Before I get into the recap, I want to say that I wish more people would have/could have attended. It's not very often that a Midwest city like Omaha gets to have people of this caliber to come speak. I wish the event could have been better promoted (and with much more notice given), as I felt the 40 or so of us that attended were not nearly as many who would have, had they know about this (and had they realized how unique this opportunity was). Attendance was low, and for that, I'm a bit sad.
Anyway. *cough* Onto the recap.
She mentioned partnering with the Canadian government to secure funding for research ("Hey, if they want to give us $20M to do clinical trials there, we're not turning that down!"), and spent a great deal of her time speaking about the various industry alliances JDRF has entered into.
(I should also note that she made sure to point out that while many have expressed concern over the money JDRF puts towards these ventures, in the last fiscal year [FY11], just 10% of research funding when to industry partnerships. To me, that's a rather small amount, considering what it COULD be.)
Next up: Dr. Dutta. (I'm also going to say here that I think JDRF has done a great job of putting researchers who are able to put things in understandable terms in touch with the diabetes community. It can't be easy to translate things so eloquently, but people like Dr. Dutta are able to do just that.)
Insulin delivery was another key topic. Dr. Dutta pointed out that current insulin delivery methods, which have insulin arriving in the body subcutaneously (meaning, under the skin), don't make a lot of sense. Think about it - in a healthy human body, does insulin get produced under the skin? (Nope - pancreas.) Does it do it's work under the skin? (Nope - it has to get to the blood stream.) Intra-dermal delivery techniques (which would engage more blood vessels) would also eliminate some of the more common complaints we insulin pump users have, as no tubing would mean no occlusions, kinks, etc.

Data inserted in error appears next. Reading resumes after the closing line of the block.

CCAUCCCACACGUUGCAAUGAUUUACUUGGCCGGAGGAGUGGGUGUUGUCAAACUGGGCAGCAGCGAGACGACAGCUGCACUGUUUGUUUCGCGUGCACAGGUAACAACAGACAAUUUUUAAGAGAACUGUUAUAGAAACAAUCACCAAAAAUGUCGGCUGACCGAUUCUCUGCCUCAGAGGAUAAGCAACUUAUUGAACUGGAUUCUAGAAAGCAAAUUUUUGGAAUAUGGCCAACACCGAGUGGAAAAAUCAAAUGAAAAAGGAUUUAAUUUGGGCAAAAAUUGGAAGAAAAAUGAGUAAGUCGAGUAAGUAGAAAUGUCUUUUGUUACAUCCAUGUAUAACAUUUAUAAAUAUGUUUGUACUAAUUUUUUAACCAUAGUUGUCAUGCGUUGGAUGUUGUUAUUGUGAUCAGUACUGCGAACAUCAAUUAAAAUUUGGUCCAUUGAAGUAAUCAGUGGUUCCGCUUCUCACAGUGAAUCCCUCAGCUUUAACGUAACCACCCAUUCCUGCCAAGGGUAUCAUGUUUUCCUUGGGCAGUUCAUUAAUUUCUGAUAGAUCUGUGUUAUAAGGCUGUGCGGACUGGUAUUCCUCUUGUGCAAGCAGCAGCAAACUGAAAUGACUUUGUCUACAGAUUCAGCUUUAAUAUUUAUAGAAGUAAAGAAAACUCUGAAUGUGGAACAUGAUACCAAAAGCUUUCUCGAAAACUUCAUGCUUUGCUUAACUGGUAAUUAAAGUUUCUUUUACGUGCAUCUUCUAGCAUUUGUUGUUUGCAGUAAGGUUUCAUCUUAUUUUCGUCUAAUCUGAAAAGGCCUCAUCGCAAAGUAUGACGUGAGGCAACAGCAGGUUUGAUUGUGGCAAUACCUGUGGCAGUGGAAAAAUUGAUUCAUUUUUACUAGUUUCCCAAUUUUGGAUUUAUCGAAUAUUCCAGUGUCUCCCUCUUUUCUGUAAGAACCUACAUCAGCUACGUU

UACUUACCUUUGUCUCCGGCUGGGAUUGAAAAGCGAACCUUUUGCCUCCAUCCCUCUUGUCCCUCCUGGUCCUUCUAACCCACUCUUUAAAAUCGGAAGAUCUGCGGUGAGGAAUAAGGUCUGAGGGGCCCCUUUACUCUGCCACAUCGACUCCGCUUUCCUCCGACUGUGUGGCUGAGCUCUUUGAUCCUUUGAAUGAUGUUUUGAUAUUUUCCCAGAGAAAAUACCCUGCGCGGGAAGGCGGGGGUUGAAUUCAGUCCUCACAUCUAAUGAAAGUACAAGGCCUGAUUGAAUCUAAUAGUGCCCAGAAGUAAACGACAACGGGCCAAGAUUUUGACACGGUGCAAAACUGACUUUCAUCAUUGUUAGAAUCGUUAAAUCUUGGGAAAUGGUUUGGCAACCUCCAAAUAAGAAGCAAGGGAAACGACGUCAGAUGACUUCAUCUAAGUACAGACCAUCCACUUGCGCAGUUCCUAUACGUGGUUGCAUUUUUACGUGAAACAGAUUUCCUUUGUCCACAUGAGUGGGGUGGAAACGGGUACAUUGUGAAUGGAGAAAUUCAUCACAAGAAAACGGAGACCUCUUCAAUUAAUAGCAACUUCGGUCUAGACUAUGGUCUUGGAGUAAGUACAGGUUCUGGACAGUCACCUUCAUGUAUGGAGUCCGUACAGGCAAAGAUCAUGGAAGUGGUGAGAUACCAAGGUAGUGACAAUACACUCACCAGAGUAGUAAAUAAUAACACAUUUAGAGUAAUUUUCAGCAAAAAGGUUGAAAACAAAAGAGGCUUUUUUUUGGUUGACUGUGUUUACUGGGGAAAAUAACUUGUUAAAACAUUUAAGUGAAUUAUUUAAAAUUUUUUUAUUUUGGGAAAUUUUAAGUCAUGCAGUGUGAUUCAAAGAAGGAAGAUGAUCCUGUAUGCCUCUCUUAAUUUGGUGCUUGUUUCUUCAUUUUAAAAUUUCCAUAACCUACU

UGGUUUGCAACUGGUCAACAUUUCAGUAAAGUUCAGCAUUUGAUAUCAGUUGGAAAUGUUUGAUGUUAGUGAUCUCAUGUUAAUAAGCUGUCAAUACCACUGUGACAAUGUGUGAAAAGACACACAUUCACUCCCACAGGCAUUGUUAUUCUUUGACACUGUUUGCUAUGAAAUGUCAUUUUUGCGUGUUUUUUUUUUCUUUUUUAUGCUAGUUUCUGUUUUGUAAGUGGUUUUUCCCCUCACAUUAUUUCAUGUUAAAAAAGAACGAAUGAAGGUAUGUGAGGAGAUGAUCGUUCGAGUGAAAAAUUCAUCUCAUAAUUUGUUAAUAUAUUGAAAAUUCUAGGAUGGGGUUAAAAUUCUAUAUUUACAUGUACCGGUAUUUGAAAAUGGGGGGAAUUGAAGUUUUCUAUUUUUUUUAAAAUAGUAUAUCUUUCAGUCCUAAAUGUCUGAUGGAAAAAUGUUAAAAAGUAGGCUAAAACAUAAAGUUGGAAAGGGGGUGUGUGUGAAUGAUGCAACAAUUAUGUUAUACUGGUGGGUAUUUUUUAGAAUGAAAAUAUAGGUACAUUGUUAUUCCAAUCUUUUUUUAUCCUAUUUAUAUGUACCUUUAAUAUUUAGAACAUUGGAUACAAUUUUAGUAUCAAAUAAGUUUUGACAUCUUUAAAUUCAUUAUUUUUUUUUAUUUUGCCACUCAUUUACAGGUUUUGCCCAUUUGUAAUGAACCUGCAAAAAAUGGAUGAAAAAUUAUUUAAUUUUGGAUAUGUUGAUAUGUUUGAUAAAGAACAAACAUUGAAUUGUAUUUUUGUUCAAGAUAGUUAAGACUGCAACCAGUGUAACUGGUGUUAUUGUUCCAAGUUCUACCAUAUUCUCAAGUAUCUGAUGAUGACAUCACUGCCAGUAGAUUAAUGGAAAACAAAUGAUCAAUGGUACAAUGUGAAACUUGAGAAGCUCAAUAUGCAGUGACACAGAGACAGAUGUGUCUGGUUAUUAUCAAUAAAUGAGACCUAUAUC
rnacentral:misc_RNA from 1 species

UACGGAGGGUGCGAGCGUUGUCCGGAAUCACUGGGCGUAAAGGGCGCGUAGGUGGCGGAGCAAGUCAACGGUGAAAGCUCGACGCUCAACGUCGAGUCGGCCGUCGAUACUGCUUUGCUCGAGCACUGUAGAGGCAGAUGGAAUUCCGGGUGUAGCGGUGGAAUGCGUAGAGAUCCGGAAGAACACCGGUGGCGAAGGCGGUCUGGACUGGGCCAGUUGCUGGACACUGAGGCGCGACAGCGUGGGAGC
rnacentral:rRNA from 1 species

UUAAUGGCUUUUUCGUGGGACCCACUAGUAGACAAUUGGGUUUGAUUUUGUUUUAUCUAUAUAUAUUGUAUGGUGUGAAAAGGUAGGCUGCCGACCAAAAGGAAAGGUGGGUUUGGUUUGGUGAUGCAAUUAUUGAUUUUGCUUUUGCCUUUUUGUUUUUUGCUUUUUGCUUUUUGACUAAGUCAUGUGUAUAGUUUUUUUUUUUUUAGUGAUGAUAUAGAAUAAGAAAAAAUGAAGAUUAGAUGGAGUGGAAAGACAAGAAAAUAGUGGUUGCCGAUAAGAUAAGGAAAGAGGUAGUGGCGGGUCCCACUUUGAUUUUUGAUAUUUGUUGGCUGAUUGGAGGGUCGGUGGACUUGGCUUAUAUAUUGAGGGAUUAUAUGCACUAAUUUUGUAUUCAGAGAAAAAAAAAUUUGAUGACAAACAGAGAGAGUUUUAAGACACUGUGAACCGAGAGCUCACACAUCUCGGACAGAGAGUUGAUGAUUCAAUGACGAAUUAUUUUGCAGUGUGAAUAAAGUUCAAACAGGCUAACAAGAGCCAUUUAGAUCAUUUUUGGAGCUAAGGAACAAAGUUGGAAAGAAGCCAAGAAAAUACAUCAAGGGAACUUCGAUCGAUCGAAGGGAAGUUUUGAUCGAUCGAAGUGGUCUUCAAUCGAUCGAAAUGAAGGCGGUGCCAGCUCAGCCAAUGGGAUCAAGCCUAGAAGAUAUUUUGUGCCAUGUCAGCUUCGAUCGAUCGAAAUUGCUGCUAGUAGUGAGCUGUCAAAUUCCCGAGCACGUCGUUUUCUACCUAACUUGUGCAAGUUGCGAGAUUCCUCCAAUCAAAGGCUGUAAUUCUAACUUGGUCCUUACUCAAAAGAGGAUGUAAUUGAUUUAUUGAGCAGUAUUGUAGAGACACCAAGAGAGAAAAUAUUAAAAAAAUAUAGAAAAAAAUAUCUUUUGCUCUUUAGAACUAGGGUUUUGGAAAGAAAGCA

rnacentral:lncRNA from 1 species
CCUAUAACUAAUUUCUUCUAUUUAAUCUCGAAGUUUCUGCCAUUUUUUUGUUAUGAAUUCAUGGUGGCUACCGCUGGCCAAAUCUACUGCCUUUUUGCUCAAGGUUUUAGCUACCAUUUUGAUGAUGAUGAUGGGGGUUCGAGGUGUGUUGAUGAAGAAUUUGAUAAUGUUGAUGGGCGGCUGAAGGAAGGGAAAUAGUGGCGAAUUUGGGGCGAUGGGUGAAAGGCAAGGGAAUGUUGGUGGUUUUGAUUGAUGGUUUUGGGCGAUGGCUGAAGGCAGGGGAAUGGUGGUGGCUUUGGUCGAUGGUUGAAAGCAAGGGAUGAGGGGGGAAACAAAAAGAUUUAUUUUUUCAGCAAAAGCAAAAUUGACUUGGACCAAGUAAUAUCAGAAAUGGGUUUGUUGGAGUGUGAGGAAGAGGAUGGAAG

|Graph of how insulin works in a|
non-diabetic person (that's in green)
and someone administering a
current insulin (in pink). Notice
how we're missing that big spike
of insulin at the start?
And lastly, the "high risk" project: glucose-responsive insulin (GRI). What needs to get accomplished here is that GRI needs to mimic physiology (deliver insulin when and where its needed), be device-free (limiting fingersticks, replacing insulin pumps, and reducing human intervention), and also address the critical gaps in type 1 treatment. Basically? It needs to reduce the burden of managing the disease, big time. (That... yeah. That would be nice.)
You may already be aware, but JDRF introduced a prize incentive related to GRI as a way to engage a new audience of experts. Dr. Dutta explained that while offering a prize in this arena is unorthodox, it was necessary: "If this were easy to develop, we'd have it already. People have spent time and effort trying to develop GRI but keep failing at it. We need people outside of the "usual suspects", and offering this prize can help us engage with those people."
Dr. Dutta left us with these thoughts: if something works (treatment-wise), jump on it. Your best defensive strategy is knowledge, so do your research. You can't expect your medical team to know about everything that's out there, so be an advocate for your own health by being engaged in learning about your disease.
And in summary: all of these technologies may not be suitable for each patient. We all have our own unique pathology, and we hope to get to a position where we can pick and choose from these advanced treatments, so that everyone can do what works best for them as individuals.
Thanks again to Linda Johnson and Dr. Sanjoy Dutta for spending a little bit of time with us here in the Cornhusker state. I hope they come back again soon.
Disclosure: JDRF did not specifically ask me to attend this event or talk/write about it. I was not compensated for my time there or for writing this recap. I am just super nerdy and like to learn (and then share) things like this. As per uzh, my opinions (and translation/recall of events) are my own.